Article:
In March 2019 Professor Okeke-Agulu co-curated El Anatsui: Triumphant Scale at the Haus der Kunst Museum in Munich - perhaps the largest solo show of a black African artist in Europe. Okeke-Agulu’s talk, "El Anatsui's Metamorphic Objects," will discuss the show, while also examining the ontological and epistemic orders that inform our understanding of El Anatsui's shape-shifting, monumental metal sculptures.
Okeke-Agulu is Professor of African and African Diaspora Art at Princeton University. His recent books include Postcolonial Modernism: Art and Decolonization in 20th-Century Nigeria (2015), Obiora Udechukwu: Line. Image. Text (2018), and Yusuf Grillo: Painting. Lagos. Life (2020).
About Professor Chika Okeke-Agulu
As a scholar, Professor Okeke-Agulu’s books include YusufGrillo: Painting. Lagos. Life (Skira Editore, 2020), ObioraUdechukwu: Line, Image, Text (Skira Editore, 2016); PostcolonialModernism: Art and Decolonization in Twentieth-CenturyNigeria (Duke, 2015); and (with Okwui Enwezor), Contemporary African Art Since 1980 (Damiani, 2010). He is co-editor of Nka: Journal of Contemporary African Art and maintains the blog Ọfọdunka and has written for HuffPost. He has co-organized several art exhibitions, including El Anatsui: Triumphant Scale (Haus der Kunst, Munich, 2019), Who Knows Tomorrow (Nationalgalerie, Berlin, 2010), 5th Gwangju Biennale (Gwangju, 2004), The Short Century: Independence and Liberation Movements in Africa, 1945 1994 (Museum Villa Stuck, Munich, 2001), Seven Stories About Modern Art in Africa (Whitechapel Art Gallery, London, 1995), and the Nigerian section at the First Johannesburg Biennale, 1995.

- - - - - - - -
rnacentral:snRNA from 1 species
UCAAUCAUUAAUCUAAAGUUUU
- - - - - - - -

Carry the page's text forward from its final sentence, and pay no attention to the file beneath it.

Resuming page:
Among Professor Okeke-Agulu’s many awards and prizes are: Honorable Mention, The Arnold Rubin Outstanding Publication (triennial) Award (Arts Council of African Studies Association, 2017); The Melville J. Herskovits Prize for the most important scholarly work in African Studies published in English during the preceding year (African Studies Association, 2016); and the Frank Jewett Mather Award for Distinction in Art Criticism (College Art Association, 2016). Okeke-Agulu serves on the advisory boards of the Hyundai Tate Research Centre, the Tate Modern, London, and The Africa Institute, Sharjah, and on the Advisory Council of Mpala Research Centre, Nanyuki, Kenya. He is on the executive board of Princeton in Africa, and the editorial board of the Journal of Visual Culture.
Friday, August 27, 2021
Princeton in Africa helps future leaders develop lifelong connections to the people and nations of Africa. We offer highly selective yearlong fellowships to recent college graduates with organizations across the African continent; we enable our Fellows, through their work, to make significant contributions to Africa’s well-being; and we encourage our Fellows to cultivate meaningful relationships with communities in Africa and with one another.
Service for a Year
Princeton in Africa matches talented and passionate college graduates with organizations working across Africa for yearlong service placements. Our program is open to graduating seniors and young alumni from any college or university accredited in the U.S. Our Fellows have helped improve education and public health, source fresh water and alternative energy, increase family incomes, and so much more.
For more information about the fellowship application click here
Thursday, July 22, 2021
Wednesday, July 7, 2021
New lecture series in honour of Okwui Enwezor celebrates premiere
Christian Wißler Pressestelle
Tuesday, June 1, 2021
Today, June 1 at 9:40AM EST, WNYC's popular program, The Takeaway, guest-hosted by Melissa Harris-Perry for Tanzina Vega, featured a discussion on the restitution of African Art by European and American museums and collections. Here below is the information published on the program page and a link to the podcast. The other program guest, along with me, is Karen Attiah who is the Global Opinions Editor and award-winning journalist at Washington Post.
|Undated photo put out by the Egyptian Ministry of Antiquities on Tuesday, Jan. 8, 2019, shows an illegally smuggled, artifact repatriated from the United Kingdom|
( Egyptian Ministry of Antiquities / Associated Press )
The murder of George Floyd — and last summer’s protests against systemic racism — reignited conversations about the racist and colonialist legacies of so many institutions across the globe, including museums.